ISLE is an association which was created in June 2012 to continue with the work carried out during a EU-funded Erasmus Networks project (2010-2013) which involved 39 partners from 30 European countries interested in fostering and transferring innovation concerning the concept of Sustainable development in the teaching of Life Sciences.
Consequently, the ISLE Network members are predominantly International Higher Education Institutions specialized in Agriculture and Food. They have been working on sustainability issues since 2010 and therefore, it was a natural choice to combine efforts on how to profoundly change the current paradigm of Sustainable Food Systems using interdisciplinary teaching, research and students in selected universities on one side and the expert professional experience of Pubic Food Service in Eating City on the other.
And what better way than to use the main link that exists between ISLE and Eating City: the training of future decision–makers in Higher education as a lever of change.
However, knowing that sustainable development can only be achieved through collective decisions, Higher Education must not neglect to work with entrepreneurs and elected representatives in order to make that change.
In fact, as the Coordinator of the ISLE funded project at the time, I had already learnt about the Eating City Platform as early as 2011 during one of the Consortium meeting in Italy and I was intrigued to find out more. Of course, working with and in Higher Education, I was also curious to know how Eating City was able to attract more than 25 young people (all from different backgrounds, but all concerned by better food systems) each year to attend a “Summer Campus” for more than 10 days to share their vision of public food services in cities worldwide!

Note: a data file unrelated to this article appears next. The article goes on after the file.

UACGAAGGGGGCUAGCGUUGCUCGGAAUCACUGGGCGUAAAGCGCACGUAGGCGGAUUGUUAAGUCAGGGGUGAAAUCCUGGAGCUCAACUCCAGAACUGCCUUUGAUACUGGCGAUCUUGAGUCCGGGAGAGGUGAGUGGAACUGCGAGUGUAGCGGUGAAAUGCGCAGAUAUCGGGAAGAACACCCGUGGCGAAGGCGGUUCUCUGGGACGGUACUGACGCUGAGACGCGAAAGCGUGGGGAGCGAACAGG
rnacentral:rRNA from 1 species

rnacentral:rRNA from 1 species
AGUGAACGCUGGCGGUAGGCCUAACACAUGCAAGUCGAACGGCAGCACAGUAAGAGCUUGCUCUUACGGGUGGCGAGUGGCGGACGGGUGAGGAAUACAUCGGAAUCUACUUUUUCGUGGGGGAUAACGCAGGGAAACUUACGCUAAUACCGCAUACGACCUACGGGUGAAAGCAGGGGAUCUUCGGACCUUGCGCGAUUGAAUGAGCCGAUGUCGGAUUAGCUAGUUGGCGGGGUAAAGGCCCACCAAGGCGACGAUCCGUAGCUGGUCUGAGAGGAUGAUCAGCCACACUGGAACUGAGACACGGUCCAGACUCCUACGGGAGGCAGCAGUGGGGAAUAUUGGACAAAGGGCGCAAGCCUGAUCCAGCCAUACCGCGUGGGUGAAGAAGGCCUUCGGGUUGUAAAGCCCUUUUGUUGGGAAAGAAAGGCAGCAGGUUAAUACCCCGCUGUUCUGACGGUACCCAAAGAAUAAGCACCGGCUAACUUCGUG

Being unable to attend the 2015 edition, I was very excited to be able to travel in August this year to their annual venue, the beautiful “Bergerie de Villarceaux”, a sustainable eco-centre situated 60 kms from Paris with its on-site accommodation, restaurant and own organic farm.
Coming from a more academic professional background, it was interesting for me to see the model set-up used by Eating City to exploit cross-fertilization during their summer camp. All the participants and speakers were able to stay on site together for the whole camp which automatically created a wonderful melting pot of ideas and opinions, not to mention friendships. In between collaborative rapid-fire speakers, all addressing a different side of food systems sustainability were “Food Thinkers” and “Food Lab” sessions. These focused on the main points of the presentations and enabled the participants to put all their energy and creativity into contributing to the writing of a final text called the 4th “Villarceaux Declaration”: the final deliverable of the Summer Camp.
I am therefore, in my current role as the President of ISLE, very honoured to be an integral part of this new collaboration and am looking forward to the outcomes of the actions that ISLE and Eating City, together with our respective partners, will carry out in the near future.
Our first objective is to apply the Eating City Methodology to Higher Education and for the younger generations who wish to change the paradigm for sustainable food systems: the organisation of a “decentralised” Eating City Summer School, based on the same methods of the campus but with different selection process, to be held at the University of Teramo, Italy in 2017, is currently underway.
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